Turn an Average Commercial Real Estate Deal into a Great One

CI - Jason Hartman Rental Property Investing

Like the residential real estate market, the commercial property market went into free fall sometime in 2008, leaving the field wide open for investors to buy property at what amounts to deeply discounted prices. While Jason Hartman isn’t ready to declare commercial investing superior to residential (it really depends on your personal financial situation), if the parameters of the deal are good enough, you might want to consider pulling the trigger.

Which begs the question: What makes for a great commercial real estate deal?

Understand that Valuation is Different: Don’t walk into a potential commercial investment wearing your residential investor hat. With individual homes, you’re used to thinking of cash flow in terms of each unit, but when it comes to commercial investments, it’s all about the usable square footage. The bigger the building, the more income you can earn. It makes sense. A multi-family unit earns more than a single-family, and the economy of scale dictates that a sprawling shopping center can be leveraged into a higher monthly income.

Map the Facts: Famous fictional police detective Joe Friday only wanted to know the facts and so should you. Here are some critical parameters:

  • How much can you afford to pay? (Remember, most commercial lenders require 30 percent down)
  • How many tenants are on board and how long do their leases run?
  • How much rental space is left to fill?
  • How much monthly cash flow does the deal offer?

Retain Walk Away Power: Never put yourself in the position where you feel you absolutely MUST take a deal. Put another way, always retain the power to say, “no thanks,” and walk away. Along this same line of thinking, learn to analyze a property with a landowner’s eye. It is in your best interest to be able to spot what kind of damage is going to cost a mint to repair, and never, never take a deal that doesn’t make financial sense the day you buy it. Don’t be the poor sap who needs a change in the economic wind to turn a profit.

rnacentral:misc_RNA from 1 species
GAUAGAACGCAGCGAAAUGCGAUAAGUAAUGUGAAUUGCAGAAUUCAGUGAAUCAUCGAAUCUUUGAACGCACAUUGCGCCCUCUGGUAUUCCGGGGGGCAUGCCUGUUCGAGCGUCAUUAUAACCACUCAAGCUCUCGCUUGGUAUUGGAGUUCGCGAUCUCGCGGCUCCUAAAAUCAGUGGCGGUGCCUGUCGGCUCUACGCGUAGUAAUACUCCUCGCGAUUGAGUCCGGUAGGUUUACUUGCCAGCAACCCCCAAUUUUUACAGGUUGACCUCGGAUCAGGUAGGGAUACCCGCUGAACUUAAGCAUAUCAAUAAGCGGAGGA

Learn Commercial Real Estate Metrics: Do you know what it means when someone mentions Net Operating Income (NOI), Cap Rate, or Cash on Cash? If not, consider it today’s homework assignment.

Last but certainly not least, always remember that the best deals around are those that involve motivated sellers. (Top image: Flickr | AJ Batac)

The Commercial Investing Center Team


The Easiest Way to Earn Passive Income

Some may argue that nothing worthwhile comes easy. While this may be true, there’s still a wealth of products that claim how to get rich quickly.

Any successful commercial investor will tell you that getting rich quickly could never be further from the truth. What is legitimate however, is that rental properties are far more stable and progressive than other ventures or investments. While markets rock and shake through varied fiscal crises, everyone, despite their income levels—will always need a home. Despite someone’s living situation, whether it’s a single individual who values freedom and alone time, or multi-generation families who make ends meet collectively, one of the universal need for humans – is shelter.

As such, commercial investors are presenting a product that’s in-demand. Some products can additionally position themselves better than others, in terms of the value or lifestyle they provide. When it comes to real estate, value-added amenities are tools that can increase the total revenue made each year.

Many people start small, and then build up until a diverse portfolio is in place. Even a single family home can provide passive income as a stepping stone for buying more property – if it’s managed properly.

How Property Investors Receive Passive Income